Friday, May 25, 2012

I'll save you some time...

Given the acceleration in the diagnosis rate, I'm assuming there are little bunches of new autism parents popping up around the world every minute or so.

In case any of them have internet access, and might happen to happen across this site, I'm going to cut to the chase on a few common autism related internet traps.

1. Research studies about autism
It may surprise you (it seems to surprise a bunch of experienced players) that every single autism study will not relate directly to your experience of autism.

Don't be shocked. We're all different. We may not know how different, or how to differentiate our difference, but... do not feel confused if you did not have a fever or a few too many pizzas while you were pregnant. Do not feel left out if your child didn't have a billion antibiotics before 12 months. Lots of people may have.

They are studies. Single studies, with their own cohort specifically chosen to validate a hypothesis identified before the study began. A study is only very rarely an unbiased search for random meaning. They are created and funded, for the most part, specifically to prove a point. I'm not saying they are lying, but I am saying they have a specific focus. Not universal meaning, specific finding. Valuable, in and of itself, even if it doesn't relate to you directly. All a part of the big melting pot of autism information, reflective of who and what inspired whichever study you may be looking at with a  squinty, questioning eye.

The fact that a study doesn't reflect your life/child/relationship/health does not invalidate that study. It simply means it relates to someone or something else. Not a conspiracy, unless it's on a fast track to making quantum change in a nanosecond. Which would be... unprecedented and more like a Ridley Scott movie than actual life.

Chill. Or go to university and do your own study. Stop by a big company for funding on your way. You'll have a better chance with their backing.

2. Media articles about autism (especially those in major newspapers/news websites/TV networks websites)
They are not information. They are news. News is not information. News is pictures and words designed to get people to make their eyes stay still long enough to look at the advertising that surrounds them.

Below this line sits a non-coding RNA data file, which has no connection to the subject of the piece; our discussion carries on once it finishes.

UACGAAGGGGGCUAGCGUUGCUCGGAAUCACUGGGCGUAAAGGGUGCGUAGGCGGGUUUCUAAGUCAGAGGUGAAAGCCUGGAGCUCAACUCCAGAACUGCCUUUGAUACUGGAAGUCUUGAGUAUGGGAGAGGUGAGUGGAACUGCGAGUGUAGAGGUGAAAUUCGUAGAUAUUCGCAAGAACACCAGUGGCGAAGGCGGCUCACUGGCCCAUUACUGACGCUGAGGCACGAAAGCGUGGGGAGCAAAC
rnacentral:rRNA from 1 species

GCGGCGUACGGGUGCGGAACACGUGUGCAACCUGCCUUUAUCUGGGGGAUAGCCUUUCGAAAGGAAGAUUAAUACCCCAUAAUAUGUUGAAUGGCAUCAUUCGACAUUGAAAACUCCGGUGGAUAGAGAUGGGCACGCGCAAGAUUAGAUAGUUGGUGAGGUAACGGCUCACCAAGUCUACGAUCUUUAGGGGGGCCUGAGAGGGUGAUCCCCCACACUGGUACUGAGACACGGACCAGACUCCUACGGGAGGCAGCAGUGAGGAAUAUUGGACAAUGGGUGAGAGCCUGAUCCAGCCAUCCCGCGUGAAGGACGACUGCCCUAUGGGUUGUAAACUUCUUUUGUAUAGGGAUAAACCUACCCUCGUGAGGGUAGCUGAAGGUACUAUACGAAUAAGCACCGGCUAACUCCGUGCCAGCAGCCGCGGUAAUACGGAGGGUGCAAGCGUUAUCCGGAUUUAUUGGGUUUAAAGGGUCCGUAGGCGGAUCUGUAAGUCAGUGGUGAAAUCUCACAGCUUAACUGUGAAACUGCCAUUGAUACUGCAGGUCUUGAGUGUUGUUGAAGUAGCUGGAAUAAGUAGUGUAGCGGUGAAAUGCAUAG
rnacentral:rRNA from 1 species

If a major news network covers an autism story, and you have a child with autism and are alive, you already know the information they are going to cover. If a news organisation with a specific financial, religious or political affiliation covers an autism story, they are not covering an autism story, they are speaking for their affiliation.

Please, for the love of all that is sparkly, accept that the information that is useful to you will not come through the media. Not unless there's some revolutionary surprise finding that cures everyone with autism if they want to be cured, magic bullet style. And, the likelihood of that happening is so limited, we may as well all wait to see Jenny McCarthy's boobs in the media again.

Put your own biases aside, and go to the source. Read the media reports, see who did the study, and go to their website. Read the study, work out (if it's is disclosed) who funded the study and understand what bias that may or may not have introduced. Try not to judge, just read. Learn from the data as much as the findings.

My own personal tactic is to read everything I can get my hands on. Is it exhausting? yes. Is it frustrating? To the point that some days I throw things around the house. Why do I do it? Because it's not about me, and it's not about Billy, it's about all of us.

3. The cult mentality
It probably won't be long before you start to feel as though you are expected to join one camp or another, in virtual autism world.

Are you pro or anti vaccination? Within that, are you a vaccine safety advocate or one who believes the only safe vaccine is one that isn't made at all? Do you believe autism is a gift from the nerd gods, or a curse from Satan? Do you believe therapy is torture or a vital part of life with an autistic child? Mainstream or not? GF?CF? No Fs at all?

If you believe one thing, can you change your mind? If you are supportive of one camp, can you also be supportive of another?